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Food Security Under Hot Climate in Saudi Arabia Proposal

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Updated: Aug 4th, 2022

Introduction

Food security may be defined as the access of all populations at any time to safe, sufficient, and nutritious food. It traditionally includes food availability, food accessibility, stability, and food utilization. On the basis of the critical review of scholarly articles, the proposed research is dedicated to food security in Saudi Arabia. The significance of this paper is determined by the fact that food security may be currently considered as a disturbing issue in the Gulf region that substantively depends on food imports.

The main purpose of this research is to evaluate the availability of Saudi Arabia to develop its local food production to be less affected by climate and economic conditions in supplying countries. The proposed research adds the appropriate analysis of the problem related to food security that exists in Saudi Arabia and other countries of this region.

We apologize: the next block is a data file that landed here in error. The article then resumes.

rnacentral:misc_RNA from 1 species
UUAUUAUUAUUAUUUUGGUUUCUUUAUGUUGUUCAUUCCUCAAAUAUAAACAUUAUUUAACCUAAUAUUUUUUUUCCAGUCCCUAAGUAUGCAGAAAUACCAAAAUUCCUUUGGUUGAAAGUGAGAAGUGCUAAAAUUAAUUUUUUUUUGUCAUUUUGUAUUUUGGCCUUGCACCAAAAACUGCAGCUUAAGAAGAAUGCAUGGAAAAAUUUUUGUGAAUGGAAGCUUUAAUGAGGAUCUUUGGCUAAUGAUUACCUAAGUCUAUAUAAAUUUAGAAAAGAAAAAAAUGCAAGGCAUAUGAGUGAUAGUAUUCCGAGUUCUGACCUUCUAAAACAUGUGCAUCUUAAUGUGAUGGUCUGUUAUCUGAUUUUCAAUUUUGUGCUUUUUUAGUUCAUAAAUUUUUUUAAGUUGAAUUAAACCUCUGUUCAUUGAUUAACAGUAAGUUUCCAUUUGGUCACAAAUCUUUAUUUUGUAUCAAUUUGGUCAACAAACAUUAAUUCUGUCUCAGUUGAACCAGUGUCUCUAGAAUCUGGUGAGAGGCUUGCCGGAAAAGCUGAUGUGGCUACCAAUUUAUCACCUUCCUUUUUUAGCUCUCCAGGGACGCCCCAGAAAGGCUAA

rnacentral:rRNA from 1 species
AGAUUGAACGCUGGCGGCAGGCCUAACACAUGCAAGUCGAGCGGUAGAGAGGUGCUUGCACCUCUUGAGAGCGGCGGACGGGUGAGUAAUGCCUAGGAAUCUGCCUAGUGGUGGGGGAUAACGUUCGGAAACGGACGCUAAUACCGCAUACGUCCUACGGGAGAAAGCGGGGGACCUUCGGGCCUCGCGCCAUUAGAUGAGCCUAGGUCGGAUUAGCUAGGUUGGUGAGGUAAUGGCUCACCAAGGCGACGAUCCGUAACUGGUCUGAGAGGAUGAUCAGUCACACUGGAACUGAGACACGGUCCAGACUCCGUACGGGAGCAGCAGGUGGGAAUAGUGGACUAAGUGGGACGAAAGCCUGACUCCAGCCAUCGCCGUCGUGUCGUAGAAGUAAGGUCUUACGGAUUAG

Food Imports and Local Food Production

In general, for countries with hot and dry climate, food security remains a highly essential and vital matter. The Gulf Cooperation Council (GCC) that includes Oman, Saudi Arabia, Kuwait, United Arab Emirates, Qatar, and Bahrain pays particular attention to food quality and safety due to the rapidly expanding tourism sector (Pirani & Arafat, 2016). Imports may be regarded as the main source of available food in the region as local food production in greater volume is not optional.

However, in recent years, the GCC countries have faced the necessity to reduce food demand and the amounts of waste caused by tourism. Within the scope of their research, Pirani and Arafaat (2016) suggest multiple ways to control and secure food imports, such as the investment in the agricultural sector of developed nations or foreign agricultural land acquisition. The GCC region requires decreasing food demand along with diversified food supplies as well.